Monday, July 4, 2011

Pearl Harbor

Credentials:  5.5 out of 10 ( 44 out of 100 ( 25% Certified Rotten (
Nominated for six Razzies at the 2001 Golden Rasberry Awards: Worst Picture, Worst Director, Worst Screenplay, Worst Screen Couple, Worst Actor (Ben Affleck), and Worst Remake or Sequel. It didn't win any.  
Plot: A fighter pilot (Ben Affleck) and a military nurse (Kate Beckinsale) fall madly in love as WWII rages in the Pacific and Europe and the good old USA sits idly by on the sidelines. Sadly, the pilot goes away to help the Brits fight the Germans, leaving the nurse all to her lonesome. But don’t feel too sorry for her though, as she gets sent to some navy base of little consequence in beautiful Hawaii. But then tragedy strikes and the pilot is killed in action. The nurse is heartbroken, so heartbroken that she stumbles right into the arms of his best friend (Josh Hartnett) who is also a pilot. Not a bad consolation prize, huh ladies? Anyhow, the nurse and her new pilot fall madly in love and everything is awesome until the original pilot love interest shows up. Apparently he wasn’t dead after all. Drama ensues. Oh yeah and then the Japanese launch a sneak attack that  changes the course of history forever… but that’s not important. What’s important is love triangle drama! JERRY! JERRY! JERRY!
Thoughts:  Now, you would think that a movie called “Pearl Harbor” would focus squarely on the events that forced America into WWII. You would think that, but you’d be wrong.
                This is a Michael Bay-directed movie we’re talking about. Commonsense has no place here.

                Apparently Bay and his screenwriter (Randall Wallace) didn’t think the story of Pearl Harbor was strong enough to carry a movie all by itself. So, they decided to give it some help by shoehorning in a love triangle melodrama so cheesy and clichéd that most soap operas would have shied away from it.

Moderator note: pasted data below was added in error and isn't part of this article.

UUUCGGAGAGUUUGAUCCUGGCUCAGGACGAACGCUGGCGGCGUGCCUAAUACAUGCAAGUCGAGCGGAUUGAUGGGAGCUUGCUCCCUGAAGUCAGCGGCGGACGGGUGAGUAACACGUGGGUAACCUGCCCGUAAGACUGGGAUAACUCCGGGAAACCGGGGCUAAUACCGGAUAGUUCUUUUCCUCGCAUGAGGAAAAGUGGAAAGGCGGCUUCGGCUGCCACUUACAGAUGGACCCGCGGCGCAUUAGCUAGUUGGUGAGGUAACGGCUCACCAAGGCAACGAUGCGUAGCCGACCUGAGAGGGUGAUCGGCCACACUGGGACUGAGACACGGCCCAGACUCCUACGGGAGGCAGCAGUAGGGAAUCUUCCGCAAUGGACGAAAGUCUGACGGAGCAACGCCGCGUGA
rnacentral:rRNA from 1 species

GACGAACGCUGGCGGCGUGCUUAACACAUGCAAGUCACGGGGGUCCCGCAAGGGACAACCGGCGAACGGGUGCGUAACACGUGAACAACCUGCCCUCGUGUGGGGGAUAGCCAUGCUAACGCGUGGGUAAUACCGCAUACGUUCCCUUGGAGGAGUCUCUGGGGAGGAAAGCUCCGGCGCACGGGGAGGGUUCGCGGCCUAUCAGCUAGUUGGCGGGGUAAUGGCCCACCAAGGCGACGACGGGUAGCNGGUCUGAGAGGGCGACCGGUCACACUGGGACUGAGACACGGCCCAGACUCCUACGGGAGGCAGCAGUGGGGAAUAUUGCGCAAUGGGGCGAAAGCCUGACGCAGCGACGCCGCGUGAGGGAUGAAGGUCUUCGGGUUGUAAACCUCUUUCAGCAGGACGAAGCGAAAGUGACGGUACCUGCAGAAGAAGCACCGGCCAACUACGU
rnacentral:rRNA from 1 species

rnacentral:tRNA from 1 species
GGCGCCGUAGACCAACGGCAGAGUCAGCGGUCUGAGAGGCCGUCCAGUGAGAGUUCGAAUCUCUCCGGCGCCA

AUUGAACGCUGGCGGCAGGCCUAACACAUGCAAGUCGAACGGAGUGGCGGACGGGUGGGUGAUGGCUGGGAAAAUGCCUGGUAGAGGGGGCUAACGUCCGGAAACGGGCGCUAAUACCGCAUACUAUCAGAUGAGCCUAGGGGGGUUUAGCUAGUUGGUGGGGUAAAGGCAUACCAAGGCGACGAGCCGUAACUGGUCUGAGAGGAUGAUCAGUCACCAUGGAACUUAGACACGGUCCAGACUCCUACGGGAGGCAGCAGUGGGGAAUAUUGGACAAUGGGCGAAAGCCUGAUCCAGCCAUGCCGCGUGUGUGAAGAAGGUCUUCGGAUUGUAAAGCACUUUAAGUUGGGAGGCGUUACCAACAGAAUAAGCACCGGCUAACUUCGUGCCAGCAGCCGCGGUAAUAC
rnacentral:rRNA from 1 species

The love story sticks closely to a well-worn path, tossing in a few twists that even the most novice moviegoer would see coming from a mile away.
                But Bay and Wallace stick to their guns, gamely drawing out each not-so shocking twist and turn like they’re reinventing the wheel. For three godless hours.
                I’m not sure who told Michael Bay that movies can’t clock in at under three hours, but that person and I are going to have to throw down.
                The script is almost entirely fluff. The actual attack at Pearl Harbor doesn’t start until the hour and twenty minute mark! Then, it lasts for 40 jaw-dropping and entertaining minutes. The movie’s last hour is reserved for some revisionist history on the aftermath of the attack.
               Somehow Bay has managed to reduce Pearl Harbor to a subplot in a movie called “Pearl Harbor."
                The thing is, the action scenes are extremely well done. The special effects are spectacular and the cinematography is nothing short of breathtaking. The aerial dogfights are some of Bay’s best work.
                Michael Bay doesn’t know much, but the man knows action.
                On the acting front, Kate Beckinsale is really more of a plot device than a character, bouncing from one love interest to another.
 Affleck’s pilot is a cocky, headstrong, sort-of d-bag. It’s the same kind of character Affleck rode to huge success and eventually colossal failure. It’s also the same kind of cardboard character he’s been avoiding like the plague lately.  
                Hartnett broods. I like the guy, but that’s all he does here. Oh well, at least he’s got cool hair.
                “Pearl Harbor” doesn’t work as an action movie, because there’s not enough action outside of the middle act. It also doesn’t work as a drama because the writing is too weak and predictable.  
                The most compelling and dramatic parts of “Pearl Harbor” are the ones Bay and co. didn’t manufacture. The confusion and fear caused by the surprise attack and the remarkable acts of heroism that followed.
                One scene that stands out takes place at the base’s hospital. Overwhelmed nurses and doctors rush from patient to patient, making life and death decisions in a split second. It’s absolutely heart breaking to watch.  It also makes you want to strangle Bay for wasting so much time getting to it.
                Someone needs to rein him in because there might just be a talented filmmaker hiding in there somewhere, just waiting to finally hear the phrase: “You should cut this part out.”
                Bumblebee tuna.

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